In Toni Cade Bambara's short story, "Raymond's Run, why does Squeaky dislike Cynthia Procter?

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kathik eNotes educator| Certified Educator

Squeaky, in "Raymond's Run" by Toni Cade Bambara, works hard for everything she gets. She practices her running skills and works on keeping herself in shape even if it embarrasses her mother. Cynthia Procter, on the other hand, pretends that she doesn't even think about practicing, whether there's a spelling bee coming up, a test, or a piano recital. Squeaky can't stand that Cynthia Procter is a big fake.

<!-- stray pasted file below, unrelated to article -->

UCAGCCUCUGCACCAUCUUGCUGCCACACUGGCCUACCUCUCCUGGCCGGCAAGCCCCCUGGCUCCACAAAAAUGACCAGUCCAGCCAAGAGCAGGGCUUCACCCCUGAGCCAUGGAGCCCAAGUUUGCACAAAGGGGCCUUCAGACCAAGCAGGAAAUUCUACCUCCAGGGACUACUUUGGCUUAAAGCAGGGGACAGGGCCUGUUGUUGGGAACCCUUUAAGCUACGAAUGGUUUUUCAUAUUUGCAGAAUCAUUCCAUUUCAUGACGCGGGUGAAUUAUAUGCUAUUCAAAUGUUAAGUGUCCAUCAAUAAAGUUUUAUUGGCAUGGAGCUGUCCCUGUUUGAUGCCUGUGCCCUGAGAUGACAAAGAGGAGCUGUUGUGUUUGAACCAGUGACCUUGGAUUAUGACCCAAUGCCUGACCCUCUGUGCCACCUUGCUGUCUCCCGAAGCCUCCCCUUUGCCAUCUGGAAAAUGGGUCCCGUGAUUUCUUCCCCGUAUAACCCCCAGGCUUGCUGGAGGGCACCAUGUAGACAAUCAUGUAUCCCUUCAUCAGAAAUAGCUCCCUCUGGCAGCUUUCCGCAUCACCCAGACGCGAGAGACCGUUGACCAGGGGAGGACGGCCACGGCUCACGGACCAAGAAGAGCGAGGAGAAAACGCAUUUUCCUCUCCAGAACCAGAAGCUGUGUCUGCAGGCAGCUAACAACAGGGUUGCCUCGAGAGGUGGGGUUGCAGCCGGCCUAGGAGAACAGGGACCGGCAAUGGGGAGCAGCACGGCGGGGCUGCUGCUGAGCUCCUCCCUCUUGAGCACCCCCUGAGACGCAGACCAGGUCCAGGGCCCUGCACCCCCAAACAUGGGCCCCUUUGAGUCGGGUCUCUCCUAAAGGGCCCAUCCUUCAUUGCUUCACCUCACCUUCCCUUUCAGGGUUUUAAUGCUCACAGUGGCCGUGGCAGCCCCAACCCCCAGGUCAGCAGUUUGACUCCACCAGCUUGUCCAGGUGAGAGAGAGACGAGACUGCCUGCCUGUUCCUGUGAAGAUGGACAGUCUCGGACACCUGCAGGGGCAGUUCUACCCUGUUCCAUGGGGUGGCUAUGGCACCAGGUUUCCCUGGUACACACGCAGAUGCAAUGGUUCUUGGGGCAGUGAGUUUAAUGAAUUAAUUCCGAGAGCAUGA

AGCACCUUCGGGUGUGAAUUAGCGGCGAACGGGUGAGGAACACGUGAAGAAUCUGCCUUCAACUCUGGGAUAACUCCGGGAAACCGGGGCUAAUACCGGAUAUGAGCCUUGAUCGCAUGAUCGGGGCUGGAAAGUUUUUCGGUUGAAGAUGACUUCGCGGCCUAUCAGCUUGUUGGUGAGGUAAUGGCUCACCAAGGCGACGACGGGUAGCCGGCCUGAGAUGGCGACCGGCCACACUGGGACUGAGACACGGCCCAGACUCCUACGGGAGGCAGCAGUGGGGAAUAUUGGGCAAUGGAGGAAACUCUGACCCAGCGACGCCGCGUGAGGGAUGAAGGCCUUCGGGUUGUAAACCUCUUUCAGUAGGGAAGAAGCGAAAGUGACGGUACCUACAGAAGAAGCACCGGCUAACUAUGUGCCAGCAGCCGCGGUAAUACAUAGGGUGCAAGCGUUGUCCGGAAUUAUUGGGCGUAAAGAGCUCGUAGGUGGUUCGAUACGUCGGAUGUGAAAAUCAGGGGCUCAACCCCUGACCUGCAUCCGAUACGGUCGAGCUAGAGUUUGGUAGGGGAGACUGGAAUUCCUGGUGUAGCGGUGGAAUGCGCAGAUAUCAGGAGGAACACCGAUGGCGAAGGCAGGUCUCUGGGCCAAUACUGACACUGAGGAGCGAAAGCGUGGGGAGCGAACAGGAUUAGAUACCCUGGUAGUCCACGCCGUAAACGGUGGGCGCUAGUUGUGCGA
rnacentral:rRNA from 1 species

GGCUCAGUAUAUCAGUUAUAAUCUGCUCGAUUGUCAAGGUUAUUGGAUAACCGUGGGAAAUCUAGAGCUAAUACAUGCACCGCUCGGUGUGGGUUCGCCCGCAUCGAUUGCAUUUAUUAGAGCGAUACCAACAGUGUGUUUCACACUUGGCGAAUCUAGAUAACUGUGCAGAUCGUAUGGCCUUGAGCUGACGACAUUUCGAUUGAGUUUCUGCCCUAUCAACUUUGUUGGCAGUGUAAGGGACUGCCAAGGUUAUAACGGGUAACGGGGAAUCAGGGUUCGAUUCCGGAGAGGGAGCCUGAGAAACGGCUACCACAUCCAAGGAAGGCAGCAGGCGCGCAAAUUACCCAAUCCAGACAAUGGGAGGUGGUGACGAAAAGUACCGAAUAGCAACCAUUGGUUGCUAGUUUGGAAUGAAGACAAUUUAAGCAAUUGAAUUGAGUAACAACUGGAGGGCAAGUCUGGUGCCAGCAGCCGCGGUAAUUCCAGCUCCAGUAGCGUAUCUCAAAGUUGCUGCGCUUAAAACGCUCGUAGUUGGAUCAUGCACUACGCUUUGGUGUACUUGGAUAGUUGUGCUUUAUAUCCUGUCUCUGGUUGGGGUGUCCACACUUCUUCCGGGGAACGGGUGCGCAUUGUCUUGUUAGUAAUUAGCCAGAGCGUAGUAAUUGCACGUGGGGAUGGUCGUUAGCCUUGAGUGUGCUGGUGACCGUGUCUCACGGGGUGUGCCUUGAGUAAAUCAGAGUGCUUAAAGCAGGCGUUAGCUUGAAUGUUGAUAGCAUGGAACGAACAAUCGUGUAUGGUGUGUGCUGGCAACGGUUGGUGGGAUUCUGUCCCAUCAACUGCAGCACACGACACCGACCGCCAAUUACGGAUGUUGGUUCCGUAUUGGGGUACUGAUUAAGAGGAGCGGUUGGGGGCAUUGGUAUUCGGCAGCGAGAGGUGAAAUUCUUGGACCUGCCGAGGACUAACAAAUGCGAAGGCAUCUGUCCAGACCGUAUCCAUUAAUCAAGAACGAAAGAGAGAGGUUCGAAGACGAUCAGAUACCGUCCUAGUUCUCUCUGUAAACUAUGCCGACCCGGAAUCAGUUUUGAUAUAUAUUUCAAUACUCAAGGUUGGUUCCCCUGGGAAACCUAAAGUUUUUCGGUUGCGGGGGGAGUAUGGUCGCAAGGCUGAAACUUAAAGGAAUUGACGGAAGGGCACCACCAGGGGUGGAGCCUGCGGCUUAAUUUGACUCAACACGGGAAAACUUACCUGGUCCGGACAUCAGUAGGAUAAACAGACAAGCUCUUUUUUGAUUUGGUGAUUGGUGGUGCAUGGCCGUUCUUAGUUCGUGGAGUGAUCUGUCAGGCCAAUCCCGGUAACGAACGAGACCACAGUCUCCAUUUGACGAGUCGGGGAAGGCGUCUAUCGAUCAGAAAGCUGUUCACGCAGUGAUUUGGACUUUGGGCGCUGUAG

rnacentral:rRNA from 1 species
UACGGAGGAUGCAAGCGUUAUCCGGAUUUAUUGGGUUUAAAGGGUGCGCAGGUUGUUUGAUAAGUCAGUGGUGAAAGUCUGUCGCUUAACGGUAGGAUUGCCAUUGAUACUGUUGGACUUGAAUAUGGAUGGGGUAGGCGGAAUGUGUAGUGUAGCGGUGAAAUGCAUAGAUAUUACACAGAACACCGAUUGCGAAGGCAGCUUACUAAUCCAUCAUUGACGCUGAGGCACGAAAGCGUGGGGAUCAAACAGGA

But of course when I pass her house on my early morning trots around the block, she is practicing the scales on the piano over and over and over and over. Then in music class she always lets herself get bumped around so she falls accidentally on purpose onto the piano stool and is so surprised to find herself sitting there that she decides just for fun to try out the ole keys. And what do you know--Chopin's waltzes just spring out of her fingertips and she's the most surprised thing in the world. A regular prodigy. I could kill people like that. (Bambara 2)

Squeaky is honest and does not like it when others are not. She stays up late studying, and she'd rather run than walk, so that she can continue to win races and to be her very best.